Effect of chronic lung disease on the perception of added inspiratory loads

Am Rev Respir Dis. 1985 Sep;132(3):652-6. doi: 10.1164/arrd.1985.132.3.652.

Abstract

The perceived magnitude of externally added loads to breathing was estimated in 10 normal subjects and 10 patients with chronic lung disease (5 obstructive, 5 interstitial disorders) to determine if chronic mechanical abnormalities of the respiratory system are accompanied by changes in the perception of dyspnea. Flow rates and tidal volumes were varied to assess the effect of altered patterns of breathing. With added resistive loads, the perceived magnitude increased as both resistance and the flow rate increased. With elastic loads the perceived magnitude increased as both elastance and tidal volume increased. In all subjects, perceived magnitude of added loads was most directly related to the inspiratory pressure used to overcome the load. Although the exponent for the power function relationship between perceived magnitude and the physical magnitude of the load was affected by the subject's age, there was no difference between the patients studied and the age-matched normal subjects. The results indicate that the sensation associated with added loads to breathing is the same in patients with chronic lung disease as in normal subjects. Also, they suggest that the altered pattern of breathing in patients with chronic lung disease is a behavioral adaptation to minimize respiratory distress.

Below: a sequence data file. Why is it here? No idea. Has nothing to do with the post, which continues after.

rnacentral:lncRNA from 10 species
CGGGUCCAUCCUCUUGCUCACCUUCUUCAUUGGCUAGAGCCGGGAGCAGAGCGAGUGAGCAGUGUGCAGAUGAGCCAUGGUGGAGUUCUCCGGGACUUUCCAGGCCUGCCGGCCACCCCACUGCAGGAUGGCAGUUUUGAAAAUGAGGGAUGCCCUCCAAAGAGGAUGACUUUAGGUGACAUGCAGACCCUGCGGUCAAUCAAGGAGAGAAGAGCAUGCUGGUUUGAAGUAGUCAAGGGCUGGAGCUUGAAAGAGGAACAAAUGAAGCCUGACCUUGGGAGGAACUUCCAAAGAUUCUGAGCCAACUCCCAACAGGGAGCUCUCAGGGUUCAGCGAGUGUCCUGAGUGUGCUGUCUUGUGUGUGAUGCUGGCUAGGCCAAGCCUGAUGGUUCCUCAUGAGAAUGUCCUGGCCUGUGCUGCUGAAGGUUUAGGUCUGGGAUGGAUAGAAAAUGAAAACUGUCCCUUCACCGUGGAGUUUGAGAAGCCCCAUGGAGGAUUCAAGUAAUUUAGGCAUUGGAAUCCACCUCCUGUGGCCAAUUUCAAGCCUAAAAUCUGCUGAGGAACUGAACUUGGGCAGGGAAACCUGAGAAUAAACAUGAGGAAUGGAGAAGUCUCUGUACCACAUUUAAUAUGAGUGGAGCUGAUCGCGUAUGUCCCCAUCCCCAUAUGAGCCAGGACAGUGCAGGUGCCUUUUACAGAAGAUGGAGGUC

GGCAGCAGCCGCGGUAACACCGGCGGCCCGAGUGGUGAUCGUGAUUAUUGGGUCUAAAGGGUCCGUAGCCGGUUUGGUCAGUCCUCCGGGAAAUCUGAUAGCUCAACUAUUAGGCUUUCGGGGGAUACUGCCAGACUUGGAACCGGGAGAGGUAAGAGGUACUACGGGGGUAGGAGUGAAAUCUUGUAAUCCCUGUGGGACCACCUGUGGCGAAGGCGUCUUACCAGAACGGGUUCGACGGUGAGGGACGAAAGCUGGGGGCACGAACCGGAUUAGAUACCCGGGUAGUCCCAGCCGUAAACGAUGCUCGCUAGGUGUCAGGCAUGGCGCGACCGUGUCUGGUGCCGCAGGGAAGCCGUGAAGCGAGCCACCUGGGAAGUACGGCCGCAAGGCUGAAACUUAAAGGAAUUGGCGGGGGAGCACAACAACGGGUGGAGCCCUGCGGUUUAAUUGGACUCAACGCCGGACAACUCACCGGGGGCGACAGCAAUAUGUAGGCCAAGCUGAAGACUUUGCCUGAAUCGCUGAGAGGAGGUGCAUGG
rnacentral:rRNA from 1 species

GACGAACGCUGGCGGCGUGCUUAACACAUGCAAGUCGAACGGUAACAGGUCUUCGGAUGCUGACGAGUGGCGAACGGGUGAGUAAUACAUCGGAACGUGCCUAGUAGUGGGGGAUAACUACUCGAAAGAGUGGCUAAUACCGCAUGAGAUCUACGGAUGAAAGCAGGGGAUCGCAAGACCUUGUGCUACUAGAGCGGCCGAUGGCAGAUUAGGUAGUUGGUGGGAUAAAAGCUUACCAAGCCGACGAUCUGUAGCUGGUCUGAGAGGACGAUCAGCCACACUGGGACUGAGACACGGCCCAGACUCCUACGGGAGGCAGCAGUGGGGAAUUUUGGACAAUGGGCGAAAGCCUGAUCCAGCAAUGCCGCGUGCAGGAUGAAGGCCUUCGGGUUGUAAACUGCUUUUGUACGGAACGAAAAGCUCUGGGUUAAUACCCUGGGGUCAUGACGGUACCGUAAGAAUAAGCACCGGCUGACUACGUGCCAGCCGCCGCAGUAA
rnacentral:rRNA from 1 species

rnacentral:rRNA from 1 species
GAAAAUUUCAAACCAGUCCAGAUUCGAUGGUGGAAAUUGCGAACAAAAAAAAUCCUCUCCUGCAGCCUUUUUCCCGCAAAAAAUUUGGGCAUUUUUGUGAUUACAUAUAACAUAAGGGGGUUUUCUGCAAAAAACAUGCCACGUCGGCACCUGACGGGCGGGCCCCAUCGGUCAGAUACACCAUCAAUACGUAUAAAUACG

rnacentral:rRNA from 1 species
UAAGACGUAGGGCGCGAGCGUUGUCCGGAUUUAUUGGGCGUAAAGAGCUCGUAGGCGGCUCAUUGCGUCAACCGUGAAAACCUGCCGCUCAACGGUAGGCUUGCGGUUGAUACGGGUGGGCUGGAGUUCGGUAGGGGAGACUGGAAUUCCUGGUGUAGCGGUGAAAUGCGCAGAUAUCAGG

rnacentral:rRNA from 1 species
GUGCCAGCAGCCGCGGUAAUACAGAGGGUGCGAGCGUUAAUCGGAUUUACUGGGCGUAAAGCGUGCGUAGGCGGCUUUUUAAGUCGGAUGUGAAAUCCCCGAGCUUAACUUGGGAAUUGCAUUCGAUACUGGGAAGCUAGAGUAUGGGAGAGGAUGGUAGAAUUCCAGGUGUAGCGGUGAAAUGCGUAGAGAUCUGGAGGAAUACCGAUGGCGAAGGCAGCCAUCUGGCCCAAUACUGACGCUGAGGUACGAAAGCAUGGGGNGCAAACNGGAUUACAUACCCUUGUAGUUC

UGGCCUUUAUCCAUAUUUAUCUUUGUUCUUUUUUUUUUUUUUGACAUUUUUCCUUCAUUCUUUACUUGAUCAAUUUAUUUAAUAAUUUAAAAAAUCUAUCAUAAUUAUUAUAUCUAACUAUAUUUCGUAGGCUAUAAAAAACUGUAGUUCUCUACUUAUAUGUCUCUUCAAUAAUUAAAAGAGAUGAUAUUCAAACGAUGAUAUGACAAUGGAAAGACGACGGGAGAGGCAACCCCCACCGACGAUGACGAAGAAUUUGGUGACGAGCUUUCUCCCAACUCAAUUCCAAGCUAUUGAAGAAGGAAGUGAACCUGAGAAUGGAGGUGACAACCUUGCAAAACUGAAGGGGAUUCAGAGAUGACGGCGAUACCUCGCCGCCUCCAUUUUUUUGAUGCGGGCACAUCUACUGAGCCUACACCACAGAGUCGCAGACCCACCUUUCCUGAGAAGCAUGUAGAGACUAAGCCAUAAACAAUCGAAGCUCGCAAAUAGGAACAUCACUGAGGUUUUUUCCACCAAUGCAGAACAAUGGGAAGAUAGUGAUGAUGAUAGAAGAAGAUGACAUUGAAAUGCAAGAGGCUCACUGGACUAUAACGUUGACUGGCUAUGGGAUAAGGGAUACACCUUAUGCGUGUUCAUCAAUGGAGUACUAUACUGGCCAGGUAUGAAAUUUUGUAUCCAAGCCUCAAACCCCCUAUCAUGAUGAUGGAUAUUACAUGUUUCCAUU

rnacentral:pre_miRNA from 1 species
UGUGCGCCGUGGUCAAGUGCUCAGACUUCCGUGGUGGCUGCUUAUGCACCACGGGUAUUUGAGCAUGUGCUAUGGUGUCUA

Publication types

  • Research Support, Non-U.S. Gov't

MeSH terms

  • Adult
  • Aged
  • Airway Resistance
  • Elasticity
  • Female
  • Humans
  • Lung Diseases, Obstructive / physiopathology
  • Lung Diseases, Obstructive / psychology*
  • Male
  • Middle Aged
  • Pressure
  • Pulmonary Fibrosis / physiopathology
  • Pulmonary Fibrosis / psychology*
  • Pulmonary Ventilation
  • Respiration
  • Self Concept*
  • Tidal Volume
  • Work of Breathing*